Apple plans to increase prices in the App Store starting next month

Apple Inc. announced significant increases in its app and in-app purchase price tiers from Europe to Asia to protect its margins as major currencies plummet against the US dollar.

Customers in countries using the euro, as well as Sweden, Japan, South Korea, Chile, Egypt, Malaysia, Pakistan and Vietnam will see price increases as early as October 5, the company said in a note to developers.

The move in Vietnam also reflects new local tax collection regulations, Apple said, without detailing why prices are being raised elsewhere.

The strong dollar could be a key driver. In Japan, prices are up about 30 percent, a sharp rise that follows the yen’s dramatic weakening this year.

Apple raised the prices of its Mac, iPhone, and iPad lines earlier this summer to smooth out currency differences.

The euro has suffered a similar fate, now trading near parity against the US dollar and showing signs of further weakness to come.

“It’s not the first time Apple has adjusted App Store prices, but this increase is pretty steep,” said Tokyo-based analyst Serkan Toto of Kantan Games.

“It is inevitable that the price adjustment by app and game developers will be felt in the affected markets. People may now be more reluctant than ever to make in-app purchases, and developers may be forced to get more creative with pricing in the future.”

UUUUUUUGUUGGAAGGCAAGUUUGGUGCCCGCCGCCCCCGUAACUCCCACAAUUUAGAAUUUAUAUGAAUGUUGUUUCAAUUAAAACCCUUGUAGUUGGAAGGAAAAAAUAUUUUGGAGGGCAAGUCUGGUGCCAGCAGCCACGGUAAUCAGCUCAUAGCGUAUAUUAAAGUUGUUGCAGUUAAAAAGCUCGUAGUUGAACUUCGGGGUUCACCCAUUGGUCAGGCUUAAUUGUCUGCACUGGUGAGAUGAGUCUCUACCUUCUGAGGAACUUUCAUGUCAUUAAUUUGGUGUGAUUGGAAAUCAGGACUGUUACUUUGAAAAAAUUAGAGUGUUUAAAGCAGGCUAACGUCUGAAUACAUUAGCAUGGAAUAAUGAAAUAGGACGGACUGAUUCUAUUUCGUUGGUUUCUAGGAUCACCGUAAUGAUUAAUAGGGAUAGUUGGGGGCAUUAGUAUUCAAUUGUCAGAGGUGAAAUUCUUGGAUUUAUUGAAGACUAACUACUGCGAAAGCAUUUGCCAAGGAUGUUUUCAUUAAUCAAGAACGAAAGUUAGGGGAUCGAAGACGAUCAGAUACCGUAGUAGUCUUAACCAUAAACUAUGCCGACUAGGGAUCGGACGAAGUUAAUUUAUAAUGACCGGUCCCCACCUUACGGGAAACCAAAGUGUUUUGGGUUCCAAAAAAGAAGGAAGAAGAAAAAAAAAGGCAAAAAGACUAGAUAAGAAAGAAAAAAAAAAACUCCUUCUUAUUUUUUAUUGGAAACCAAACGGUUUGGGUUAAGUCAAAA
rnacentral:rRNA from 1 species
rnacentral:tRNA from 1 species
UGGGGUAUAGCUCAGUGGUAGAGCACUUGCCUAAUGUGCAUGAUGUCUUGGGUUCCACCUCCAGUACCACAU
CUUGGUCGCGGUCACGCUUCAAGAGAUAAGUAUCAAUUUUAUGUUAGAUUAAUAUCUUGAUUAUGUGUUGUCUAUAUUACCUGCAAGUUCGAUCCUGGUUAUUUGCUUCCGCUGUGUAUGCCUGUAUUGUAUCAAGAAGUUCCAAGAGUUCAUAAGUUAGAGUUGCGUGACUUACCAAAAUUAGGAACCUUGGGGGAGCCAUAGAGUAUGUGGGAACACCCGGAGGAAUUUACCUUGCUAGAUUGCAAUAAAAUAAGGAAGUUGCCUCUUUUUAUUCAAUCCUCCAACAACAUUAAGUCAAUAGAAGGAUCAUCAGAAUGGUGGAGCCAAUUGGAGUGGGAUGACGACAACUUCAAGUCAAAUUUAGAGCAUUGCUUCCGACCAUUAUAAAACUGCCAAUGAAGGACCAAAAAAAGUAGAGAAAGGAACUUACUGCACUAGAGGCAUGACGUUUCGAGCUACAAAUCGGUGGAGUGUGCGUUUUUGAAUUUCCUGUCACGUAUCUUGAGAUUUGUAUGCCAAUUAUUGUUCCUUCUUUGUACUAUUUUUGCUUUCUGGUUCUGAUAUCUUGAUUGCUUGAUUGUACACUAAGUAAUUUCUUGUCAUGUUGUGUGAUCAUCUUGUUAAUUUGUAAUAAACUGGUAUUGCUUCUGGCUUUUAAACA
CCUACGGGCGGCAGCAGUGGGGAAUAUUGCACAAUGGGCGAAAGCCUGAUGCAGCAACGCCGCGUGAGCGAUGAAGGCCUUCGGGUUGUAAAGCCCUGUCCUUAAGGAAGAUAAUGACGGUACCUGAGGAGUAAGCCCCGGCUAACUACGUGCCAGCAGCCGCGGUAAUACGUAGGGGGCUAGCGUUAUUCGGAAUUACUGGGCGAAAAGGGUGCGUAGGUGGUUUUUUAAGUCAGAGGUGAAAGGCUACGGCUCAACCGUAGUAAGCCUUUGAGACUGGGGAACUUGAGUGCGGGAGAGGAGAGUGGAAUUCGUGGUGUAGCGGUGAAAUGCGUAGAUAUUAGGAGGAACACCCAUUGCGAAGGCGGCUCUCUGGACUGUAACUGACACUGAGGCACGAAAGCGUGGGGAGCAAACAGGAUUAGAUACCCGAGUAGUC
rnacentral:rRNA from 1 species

According to an independent study, app developers have already increased their prices in the past year.

The average price for in-app purchases increased by 40% in July compared to the same month in 2021, consultancy Apptopia estimates.

Apple’s new framework will allow developers to keep existing subscribers at current price levels for all subscription services they offer, the company said.

The App Store is a key revenue driver for the Cupertino, California-based company. Apple, whose iPhone 14 went on sale worldwide this month, reported service revenue that fell just short of estimates in the June quarter.

Chief Executive Officer Tim Cook, in an interview with Bloomberg Television’s Emily Chang, acknowledged that the company was struggling with “some softness” and a slower economy, but said he expected earnings to pick up again in the fourth quarter.

Despite performing better than some tech rivals, Apple has become more cautious when faced with a faltering economy.

The iPhone maker plans to slow hiring and spending for some teams in 2023, Bloomberg News reported. Apple plans to increase prices in the App Store starting next month

Fry Electronics Team

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